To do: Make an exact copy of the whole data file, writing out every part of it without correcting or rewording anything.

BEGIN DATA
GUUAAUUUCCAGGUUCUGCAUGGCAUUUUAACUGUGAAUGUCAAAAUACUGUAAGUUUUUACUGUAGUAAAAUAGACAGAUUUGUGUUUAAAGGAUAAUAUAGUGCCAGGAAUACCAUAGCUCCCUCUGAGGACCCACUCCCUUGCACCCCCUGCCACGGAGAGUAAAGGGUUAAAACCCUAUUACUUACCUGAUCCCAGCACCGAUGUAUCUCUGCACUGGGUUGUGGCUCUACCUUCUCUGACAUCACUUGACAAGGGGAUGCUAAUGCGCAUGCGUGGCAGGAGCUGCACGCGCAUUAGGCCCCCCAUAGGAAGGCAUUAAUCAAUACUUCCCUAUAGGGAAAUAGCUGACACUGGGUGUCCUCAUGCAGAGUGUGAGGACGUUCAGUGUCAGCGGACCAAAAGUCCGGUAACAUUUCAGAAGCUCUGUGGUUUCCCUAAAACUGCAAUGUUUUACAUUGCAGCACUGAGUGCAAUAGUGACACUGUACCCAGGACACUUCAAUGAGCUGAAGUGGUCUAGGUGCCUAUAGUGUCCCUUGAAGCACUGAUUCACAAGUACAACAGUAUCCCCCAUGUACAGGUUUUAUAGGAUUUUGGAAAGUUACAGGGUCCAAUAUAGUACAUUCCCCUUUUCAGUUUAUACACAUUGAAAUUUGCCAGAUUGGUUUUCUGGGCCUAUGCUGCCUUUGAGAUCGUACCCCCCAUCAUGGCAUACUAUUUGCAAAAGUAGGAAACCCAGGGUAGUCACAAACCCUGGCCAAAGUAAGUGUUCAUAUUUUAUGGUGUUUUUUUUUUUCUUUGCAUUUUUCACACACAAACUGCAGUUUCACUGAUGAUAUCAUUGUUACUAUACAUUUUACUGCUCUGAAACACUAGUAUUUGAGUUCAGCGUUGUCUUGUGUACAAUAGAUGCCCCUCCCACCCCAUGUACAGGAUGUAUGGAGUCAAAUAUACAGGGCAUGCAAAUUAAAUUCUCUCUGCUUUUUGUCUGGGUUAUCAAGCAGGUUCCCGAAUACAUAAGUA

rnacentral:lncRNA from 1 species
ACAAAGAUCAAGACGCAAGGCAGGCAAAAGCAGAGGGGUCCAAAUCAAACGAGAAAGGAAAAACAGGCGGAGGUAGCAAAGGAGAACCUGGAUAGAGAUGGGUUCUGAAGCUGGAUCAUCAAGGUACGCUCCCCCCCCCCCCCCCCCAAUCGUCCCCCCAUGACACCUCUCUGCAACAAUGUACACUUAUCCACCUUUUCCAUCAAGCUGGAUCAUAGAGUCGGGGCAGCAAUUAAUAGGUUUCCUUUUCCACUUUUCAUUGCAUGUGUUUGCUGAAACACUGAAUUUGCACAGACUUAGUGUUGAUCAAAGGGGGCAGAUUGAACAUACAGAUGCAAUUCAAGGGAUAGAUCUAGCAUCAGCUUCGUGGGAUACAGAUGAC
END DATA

GUUAAUUUCCAGGUUCUGCAUGGCAUUUUAACUGUGAAUGUCAAAAUACUGUAAGUUUUUACUGUAGUAAAAUAGACAGAUUUGUGUUUAAAGGAUAAUAUAGUGCCAGGAAUACCAUAGCUCCCUCUGAGGACCCACUCCCUUGCACCCCCUGCCACGGAGAGUAAAGGGUUAAAACCCUAUUACUUACCUGAUCCCAGCACCGAUGUAUCUCUGCACUGGGUUGUGGCUCUACCUUCUCUGACAUCACUUGACAAGGGGAUGCUAAUGCGCAUGCGUGGCAGGAGCUGCACGCGCAUUAGGCCCCCCAUAGGAAGGCAUUAAUCAAUACUUCCCUAUAGGGAAAUAGCUGACACUGGGUGUCCUCAUGCAGAGUGUGAGGACGUUCAGUGUCAGCGGACCAAAAGUCCGGUAACAUUUCAGAAGCUCUGUGGUUUCCCUAAAACUGCAAUGUUUUACAUUGCAGCACUGAGUGCAAUAGUGACACUGUACCCAGGACACUUCAAUGAGCUGAAGUGGUCUAGGUGCCUAUAGUGUCCCUUGAAGCACUGAUUCACAAGUACAACAGUAUCCCCCAUGUACAGGUUUUAUAGGAUUUUGGAAAGUUACAGGGUCCAAUAUAGUACAUUCCCCUUUUCAGUUUAUACACAUUGAAAUUUGCCAGAUUGGUUUUCUGGGCCUAUGCUGCCUUUGAGAUCGUACCCCCCAUCAUGGCAUACUAUUUGCAAAAGUAGGAAACCCAGGGUAGUCACAAACCCUGGCCAAAGUAAGUGUUCAUAUUUUAUGGUGUUUUUUUUUUUCUUUGCAUUUUUCACACACAAACUGCAGUUUCACUGAUGAUAUCAUUGUUACUAUACAUUUUACUGCUCUGAAACACUAGUAUUUGAGUUCAGCGUUGUCUUGUGUACAAUAGAUGCCCCUCCCACCCCAUGUACAGGAUGUAUGGAGUCAAAUAUACAGGGCAUGCAAAUUAAAUUCUCUCUGCUUUUUGUCUGGGUUAUCAAGCAGGUUCCCGAAUACAUAAGUA

rnacentral:lncRNA from 1 species
ACAAAGAUCAAGACGCAAGGCAGGCAAAAGCAGAGGGGUCCAAAUCAAACGAGAAAGGAAAAACAGGCGGAGGUAGCAAAGGAGAACCUGGAUAGAGAUGGGUUCUGAAGCUGGAUCAUCAAGGUACGCUCCCCCCCCCCCCCCCCCAAUCGUCCCCCCAUGACACCUCUCUGCAACAAUGUACACUUAUCCACCUUUUCCAUCAAGCUGGAUCAUAGAGUCGGGGCAGCAAUUAAUAGGUUUCCUUUUCCACUUUUCAUUGCAUGUGUUUGCUGAAACACUGAAUUUGCACAGACUUAGUGUUGAUCAAAGGGGGCAGAUUGAACAUACAGAUGCAAUUCAAGGGAUAGAUCUAGCAUCAGCUUCGUGGGAUACAGAUGAC